The psychological satisfaction of denials of the Holocaust or other genocides by non-extremists or bigots, and even by known scholars

Research output: Contribution to journalArticlepeer-review

Abstract

Denials of known genocides are not only the work of bigots, such as antisemites and neo-nazis who deny the Holocaust or Turkish ideologues who deny the history of the Armenian Genocide, but are voiced by many people in all walks of life, and even by bona fide respectable academicians. It is important to understand the motivations and thinking and mind formulations through which such denials are constructed and promoted. The present paper focuses on a concept of 'innocent denial' where the denier really may not be consciously entirely aware of the facts and not necessarily aware of their personal interests in choosing to join with deniers of a known genocide. However, it is emphasized that one must be alert to deniers who pretend 'innocence.' Five "thinking defense mechanisms" or ways of constructing and justifying denials are analyzed in a comparative analysis of two examples of denials, by German professor Ernst Nolte who denies the Holocaust, and Jewish professor Bernard Lewis who denies the Armenian Genocide. Interpretations are also given of David Irving a denier who denies being a denier, and Noam Chomsky who stands adamantly for the free speech of deniers in their relationships to denials of the Holocaust, and two case histories of denial of the Armenian Genocide in Israel are presented.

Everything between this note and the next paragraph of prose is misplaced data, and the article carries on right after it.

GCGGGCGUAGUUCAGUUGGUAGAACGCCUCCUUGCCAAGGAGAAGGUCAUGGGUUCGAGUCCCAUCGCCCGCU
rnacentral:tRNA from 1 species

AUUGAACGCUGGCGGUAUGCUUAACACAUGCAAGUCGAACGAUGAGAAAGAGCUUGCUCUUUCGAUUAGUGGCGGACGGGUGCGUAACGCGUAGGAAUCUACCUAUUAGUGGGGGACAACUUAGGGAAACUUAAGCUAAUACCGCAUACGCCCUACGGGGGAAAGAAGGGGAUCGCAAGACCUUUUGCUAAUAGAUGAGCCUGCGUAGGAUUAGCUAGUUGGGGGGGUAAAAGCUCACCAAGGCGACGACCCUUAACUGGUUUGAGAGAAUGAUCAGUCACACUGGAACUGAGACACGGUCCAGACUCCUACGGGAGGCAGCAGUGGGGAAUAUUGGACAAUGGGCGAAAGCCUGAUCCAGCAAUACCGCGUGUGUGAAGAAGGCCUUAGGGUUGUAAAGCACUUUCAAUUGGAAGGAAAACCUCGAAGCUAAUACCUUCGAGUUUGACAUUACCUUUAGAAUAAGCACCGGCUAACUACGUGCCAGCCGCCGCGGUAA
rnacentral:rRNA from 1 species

Original languageEnglish
JournalIDEA
Volume6
Issue number1
StatePublished - 17 Jul 2001

Fingerprint

Dive into the research topics of 'The psychological satisfaction of denials of the Holocaust or other genocides by non-extremists or bigots, and even by known scholars'. Together they form a unique fingerprint.

Cite this